Shocks in rapid granular flows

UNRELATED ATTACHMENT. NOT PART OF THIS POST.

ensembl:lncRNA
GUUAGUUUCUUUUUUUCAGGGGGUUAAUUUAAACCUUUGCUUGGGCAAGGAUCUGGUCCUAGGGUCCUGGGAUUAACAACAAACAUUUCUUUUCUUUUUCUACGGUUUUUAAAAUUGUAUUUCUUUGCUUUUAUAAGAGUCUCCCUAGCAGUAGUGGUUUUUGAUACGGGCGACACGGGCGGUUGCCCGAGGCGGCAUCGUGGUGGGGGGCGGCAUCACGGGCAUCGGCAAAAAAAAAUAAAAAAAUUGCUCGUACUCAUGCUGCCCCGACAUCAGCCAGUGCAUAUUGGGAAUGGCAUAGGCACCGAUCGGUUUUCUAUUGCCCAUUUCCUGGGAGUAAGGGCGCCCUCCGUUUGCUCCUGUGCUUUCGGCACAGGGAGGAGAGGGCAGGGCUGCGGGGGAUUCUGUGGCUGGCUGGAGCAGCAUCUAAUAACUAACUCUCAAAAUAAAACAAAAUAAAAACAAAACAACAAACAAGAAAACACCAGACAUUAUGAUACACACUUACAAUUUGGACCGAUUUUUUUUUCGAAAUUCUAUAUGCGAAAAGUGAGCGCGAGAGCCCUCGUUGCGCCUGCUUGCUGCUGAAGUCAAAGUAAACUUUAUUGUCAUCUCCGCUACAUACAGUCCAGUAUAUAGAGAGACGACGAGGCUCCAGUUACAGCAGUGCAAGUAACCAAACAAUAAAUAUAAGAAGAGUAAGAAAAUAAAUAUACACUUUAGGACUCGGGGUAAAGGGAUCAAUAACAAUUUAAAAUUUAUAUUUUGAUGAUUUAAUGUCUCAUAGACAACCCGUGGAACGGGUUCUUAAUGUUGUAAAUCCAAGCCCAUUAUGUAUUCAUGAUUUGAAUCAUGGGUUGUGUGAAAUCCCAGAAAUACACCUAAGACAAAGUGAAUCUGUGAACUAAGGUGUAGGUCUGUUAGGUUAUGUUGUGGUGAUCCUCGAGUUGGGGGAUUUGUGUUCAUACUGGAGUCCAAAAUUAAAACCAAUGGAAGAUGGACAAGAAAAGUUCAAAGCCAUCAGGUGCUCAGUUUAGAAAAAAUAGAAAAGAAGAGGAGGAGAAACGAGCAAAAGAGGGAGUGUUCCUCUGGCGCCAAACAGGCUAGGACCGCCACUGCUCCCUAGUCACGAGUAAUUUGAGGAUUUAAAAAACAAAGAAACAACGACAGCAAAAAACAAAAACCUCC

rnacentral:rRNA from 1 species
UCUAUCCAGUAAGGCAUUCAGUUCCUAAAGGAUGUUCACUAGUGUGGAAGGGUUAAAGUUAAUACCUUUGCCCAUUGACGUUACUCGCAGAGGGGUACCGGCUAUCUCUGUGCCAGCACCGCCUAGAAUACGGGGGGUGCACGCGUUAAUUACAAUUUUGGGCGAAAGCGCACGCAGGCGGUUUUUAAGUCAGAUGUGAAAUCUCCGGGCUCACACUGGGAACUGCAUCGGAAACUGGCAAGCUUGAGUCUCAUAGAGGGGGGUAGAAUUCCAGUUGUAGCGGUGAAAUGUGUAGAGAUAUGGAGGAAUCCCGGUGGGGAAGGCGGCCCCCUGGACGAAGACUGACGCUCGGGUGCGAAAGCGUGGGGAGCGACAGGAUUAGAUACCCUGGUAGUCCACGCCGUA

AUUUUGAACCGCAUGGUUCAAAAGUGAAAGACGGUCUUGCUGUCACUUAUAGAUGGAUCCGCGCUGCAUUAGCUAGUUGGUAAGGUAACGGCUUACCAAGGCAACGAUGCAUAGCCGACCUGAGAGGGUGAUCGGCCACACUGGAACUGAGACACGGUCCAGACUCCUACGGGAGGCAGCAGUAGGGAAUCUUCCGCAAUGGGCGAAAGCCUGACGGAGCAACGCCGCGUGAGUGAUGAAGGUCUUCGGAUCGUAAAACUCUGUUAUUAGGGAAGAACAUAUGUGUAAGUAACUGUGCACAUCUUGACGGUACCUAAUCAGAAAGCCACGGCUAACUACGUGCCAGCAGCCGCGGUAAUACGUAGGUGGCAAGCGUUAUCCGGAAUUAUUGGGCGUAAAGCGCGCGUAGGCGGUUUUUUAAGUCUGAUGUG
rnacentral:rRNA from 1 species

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The speed of a pressure wave (the speed of sound) in rapid granular flows is typically only a few centimeters per second while the collective streaming motion of the particles is on the order of meters per second. In this supersonic regime, shocks form when a granular flow encounters an obstacles. This work examines the shocks formed in three geometries: the surface wake behind a cylinder, the oblique shock formed at a wedge and a normal shock propagating through a funnel. In each case we evaluate the applicability of a hydrodynamic description to shocks in rapid granular flows. We study the V-shaped wake formed by a cylindrical rod moving through a vertically vibrated granular layer. The wake appears for rod velocities vR greater than a critical velocity c. We measure the half-angle θ of the wake as a function of vR and layer depth h. We find that c and θ can be described by a hydrodynamic description applied to shallow fluids, where c = √gh is the speed of a gravitational wave on a shallow fluid and sinθ = c/vR is the Mach relation. We find the decrease in the height of the wake hmax as it propagates away from the rod agrees with Landau’s theory for the decay of shock waves far from their origin. We measure the time-averaged velocity, density and temperature fields for a gravity driven granular flow past a wedge. The flow is supersonic with a sound speed less than 10% of the flow speed. We find the shock formed at the wedge tip is nearly identical to oblique shocks found in a supersonic, elastic gas. Molecular dynamics simulations of Newton’s laws yield fields in quantitative agreement with experiment. A numerical solution of granular hydrodynamic equations is only in qualitatively accord with experiment. We show that hydrodynamic theory fails because it does not include friction. We use molecular dynamics simulations to examine the effect of friction on the dissipation of energy and scattering angles in collisions. We examine the propagation of a normal shock formed in a quasi-two dimensional funnel. For shocks propagating without change in a fluid, one can use the Rankine-Hugoniot approximation to predict the velocity of the shock and the difference in flow values across the shock. We show that inelastic collisions between particles cause the shock to continuously evolve, hence the Rankine-Hugoniot predictions are inadequate for describing the evolution of granular shocks.